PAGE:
It is perhaps not surprising that we have yet to arrive at a universal name for the set of algorithms and processes which lie at the higher end of the eDiscovery / eDisclosure market. Barry Murphy addresses this in an eDiscovery Journal article called Technology-Assisted Review: What Should We Call This Market?, showing by his article’s title that one cannot even open the discussion without picking one of the variants to establish what the subject is.
If I favour predictive coding, it is because that is the term used by the first entrants into the market, becoming a useful label more or less divorced from the bare meaning of the words. Those who came afterwards wanted simultaneously to claim their place at what was evidently becoming the top table whilst simultaneously seeking differentiation – a differentiation which the first-comers are equally keen to preserve. Barry Murphy identifies some of the terms and gives us a poll in the hope of steering us towards a consensus.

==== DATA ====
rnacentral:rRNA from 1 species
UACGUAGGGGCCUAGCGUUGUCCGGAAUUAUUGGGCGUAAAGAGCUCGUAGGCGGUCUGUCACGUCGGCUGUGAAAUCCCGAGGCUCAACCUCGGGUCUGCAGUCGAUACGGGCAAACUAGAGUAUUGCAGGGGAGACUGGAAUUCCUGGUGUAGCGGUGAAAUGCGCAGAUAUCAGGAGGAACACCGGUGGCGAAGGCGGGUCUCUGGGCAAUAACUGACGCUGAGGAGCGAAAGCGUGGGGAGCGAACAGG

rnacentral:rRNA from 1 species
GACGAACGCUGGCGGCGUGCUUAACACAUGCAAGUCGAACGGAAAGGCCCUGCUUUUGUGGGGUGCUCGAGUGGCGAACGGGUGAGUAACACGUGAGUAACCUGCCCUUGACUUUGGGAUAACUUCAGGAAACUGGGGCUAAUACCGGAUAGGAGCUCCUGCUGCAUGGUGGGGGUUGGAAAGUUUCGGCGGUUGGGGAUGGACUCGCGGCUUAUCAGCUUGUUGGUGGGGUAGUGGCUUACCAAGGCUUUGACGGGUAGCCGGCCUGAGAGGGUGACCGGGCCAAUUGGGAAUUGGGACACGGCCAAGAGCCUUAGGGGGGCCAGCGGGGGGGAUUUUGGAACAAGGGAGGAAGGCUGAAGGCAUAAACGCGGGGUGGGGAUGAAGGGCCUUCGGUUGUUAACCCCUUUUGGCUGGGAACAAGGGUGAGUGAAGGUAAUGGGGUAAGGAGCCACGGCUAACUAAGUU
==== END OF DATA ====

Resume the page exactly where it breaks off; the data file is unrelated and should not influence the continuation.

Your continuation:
None of the suggestions is obviously right in any objective sense, and I suspect that we will continue to use a variety of terms for what is, after all, a non-standard set of products and functions. I do not think that the lack of a unifying label will be the main brake anyway – that will be timidity and the staggering lack of commercial curiosity which has most lawyers simply grafting their traditional approaches on to volumes they were not designed for – like using nail clippers to harvest a prairie wheat field. Meanwhile, those lawyers who do understand all this will not much care what they call it but will just get on and use it.
We will reach the point, and faster than we expect, where failure to consider all the options, whatever they are called, will itself be at best a case-loser and a client-loser, and at worst a breach of professional duty and grounds for potential negligence claims.
The debate is worth having, however, and those who are interested may care to complete the poll.